After the murders, Zakrzewski drove to Orlando, where he boarded a plane headed for Hawaii.  In Hawaii, Zakrzewski changed his name and took up residence with a family who ran a religious commune.  Zakrzewski turned himself in to Hawaiian officials after the family he had been staying with saw his picture televised on Unsolved Mysteries

Additional Information:

Prior to being sentenced for the murders of his wife and children, Zakrzewski attempted an escape from custody on 08/13/95.  He was convicted and sentenced to one-and-a-half years incarceration for the attempt.

Trial Summary:

11/10/94          The defendant was indicted on the following charges:

Count I:           First-Degree Murder (Sylvia Zakrzewski)

Count II:          First-Degree Murder (Edward Zakrzewski)

Count III:         First-Degree Murder (Anna Zakrzewski)

03/19/96          The defendant pled guilty to all counts charged in the indictment.

03/30/96          Upon advisory sentencing, the jury, by a 7 to 5 majority, voted for the imposition of the death penalty for the murders of Sylvia and Edward and life imprisonment for the murder of Anna.

04/19/96          The defendant was sentenced as follows:

Count I:           First-Degree Murder - Death

Count II:          First-Degree Murder - Death

Count III:         First-Degree Murder - Death

*The trial judge overrode the jury’s recommendation of life imprisonment*

Case Information:

On 07/01/96, Zakrzewski filed a Direct Appeal in the Florida Supreme Court.  In that appeal, he argued that the heinous, atrocious and cruel (HAC) aggravating factor was erroneously applied to all three murders, as it was never his intention to torture any of his victims.  The Florida Supreme Court noted that the HAC aggravating factor was erroneously applied as to the murder of Sylvia; however, this error was determined to be harmless in lieu of the other proven aggravating circumstances.  Zakrzewski also argued that it was error for the trial judge to overrule the jury’s advisory sentence for the murder of Anna.  Other issues of contention included the presentation of prejudicial photographs of the victims and the admission of testimony by the State’s own mental health expert.  The Florida Supreme Court affirmed the convictions and sentences of death on 06/11/98.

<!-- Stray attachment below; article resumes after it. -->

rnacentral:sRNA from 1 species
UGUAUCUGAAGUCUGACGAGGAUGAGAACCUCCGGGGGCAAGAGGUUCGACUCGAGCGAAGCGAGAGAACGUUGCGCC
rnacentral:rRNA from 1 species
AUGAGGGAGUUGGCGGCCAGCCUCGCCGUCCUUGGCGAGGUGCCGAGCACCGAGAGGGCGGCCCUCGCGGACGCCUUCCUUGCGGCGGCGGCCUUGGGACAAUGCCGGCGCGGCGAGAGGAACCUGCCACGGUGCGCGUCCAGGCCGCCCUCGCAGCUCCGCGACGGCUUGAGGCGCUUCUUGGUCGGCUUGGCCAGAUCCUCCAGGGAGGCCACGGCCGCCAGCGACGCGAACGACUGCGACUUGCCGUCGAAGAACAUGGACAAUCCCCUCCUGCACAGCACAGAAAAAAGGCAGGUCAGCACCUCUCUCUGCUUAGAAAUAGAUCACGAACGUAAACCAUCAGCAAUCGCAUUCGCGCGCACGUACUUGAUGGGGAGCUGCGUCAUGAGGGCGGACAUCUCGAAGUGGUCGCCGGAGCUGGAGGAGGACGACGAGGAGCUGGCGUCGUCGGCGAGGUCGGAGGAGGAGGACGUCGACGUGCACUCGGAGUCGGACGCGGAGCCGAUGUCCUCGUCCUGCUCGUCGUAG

On 12/07/98, Zakrzewski filed a Petition for Writ of Certiorari in the United States Supreme Court that was subsequently denied on 01/25/99.

On 01/24/01, Zakrzewski filed a 3.850 Motion in the State Circuit Court, which was denied on 06/17/02.  He filed an appeal of that decision in the Florida Supreme Court on 08/5/02, which was denied on 11/13/03. 

Zakrzewski filed a Petition for Writ of Habeas Corpus to the United States District Court, Northern District on 02/23/04.  Zakrzewski raised claims that his Fifth, Sixth, and Fourteenth Amendments were violated.  He also claimed that he received ineffective assistance of counsel.  He argued that his attorney failed to object to inappropriate comments made during the prosecutor’s closing argument and also failed to suppress evidence discovered in his house during a warrantless search.  The court did not find sufficient merit in Zakrzewski’s claims and therefore denied his petition on 09/30/04.

On 10/28/04, Zakrzewski filed a Habeas Appeal to the United States Court of Appeals, 11th Circuit.  The court affirmed the denial of Zakrzewski’s Petition for Writ of Habeas Corpus on 07/13/06.